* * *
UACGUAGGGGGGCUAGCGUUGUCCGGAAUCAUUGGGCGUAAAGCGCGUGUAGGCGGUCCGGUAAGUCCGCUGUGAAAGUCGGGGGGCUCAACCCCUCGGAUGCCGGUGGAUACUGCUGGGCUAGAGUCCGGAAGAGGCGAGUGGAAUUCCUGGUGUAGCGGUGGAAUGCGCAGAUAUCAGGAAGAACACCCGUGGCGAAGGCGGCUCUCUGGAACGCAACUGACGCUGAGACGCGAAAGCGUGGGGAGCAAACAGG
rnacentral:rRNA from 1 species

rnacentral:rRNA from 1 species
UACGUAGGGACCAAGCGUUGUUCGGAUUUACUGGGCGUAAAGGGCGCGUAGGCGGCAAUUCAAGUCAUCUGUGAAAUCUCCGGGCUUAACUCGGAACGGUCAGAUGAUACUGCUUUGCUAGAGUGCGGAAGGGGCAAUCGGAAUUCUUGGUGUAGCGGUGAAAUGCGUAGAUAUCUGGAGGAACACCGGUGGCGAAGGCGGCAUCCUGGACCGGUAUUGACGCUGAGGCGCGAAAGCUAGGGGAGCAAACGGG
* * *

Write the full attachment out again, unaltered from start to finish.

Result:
UACGUAGGGGGGCUAGCGUUGUCCGGAAUCAUUGGGCGUAAAGCGCGUGUAGGCGGUCCGGUAAGUCCGCUGUGAAAGUCGGGGGGCUCAACCCCUCGGAUGCCGGUGGAUACUGCUGGGCUAGAGUCCGGAAGAGGCGAGUGGAAUUCCUGGUGUAGCGGUGGAAUGCGCAGAUAUCAGGAAGAACACCCGUGGCGAAGGCGGCUCUCUGGAACGCAACUGACGCUGAGACGCGAAAGCGUGGGGAGCAAACAGG
rnacentral:rRNA from 1 species

rnacentral:rRNA from 1 species
UACGUAGGGACCAAGCGUUGUUCGGAUUUACUGGGCGUAAAGGGCGCGUAGGCGGCAAUUCAAGUCAUCUGUGAAAUCUCCGGGCUUAACUCGGAACGGUCAGAUGAUACUGCUUUGCUAGAGUGCGGAAGGGGCAAUCGGAAUUCUUGGUGUAGCGGUGAAAUGCGUAGAUAUCUGGAGGAACACCGGUGGCGAAGGCGGCAUCCUGGACCGGUAUUGACGCUGAGGCGCGAAAGCUAGGGGAGCAAACGGG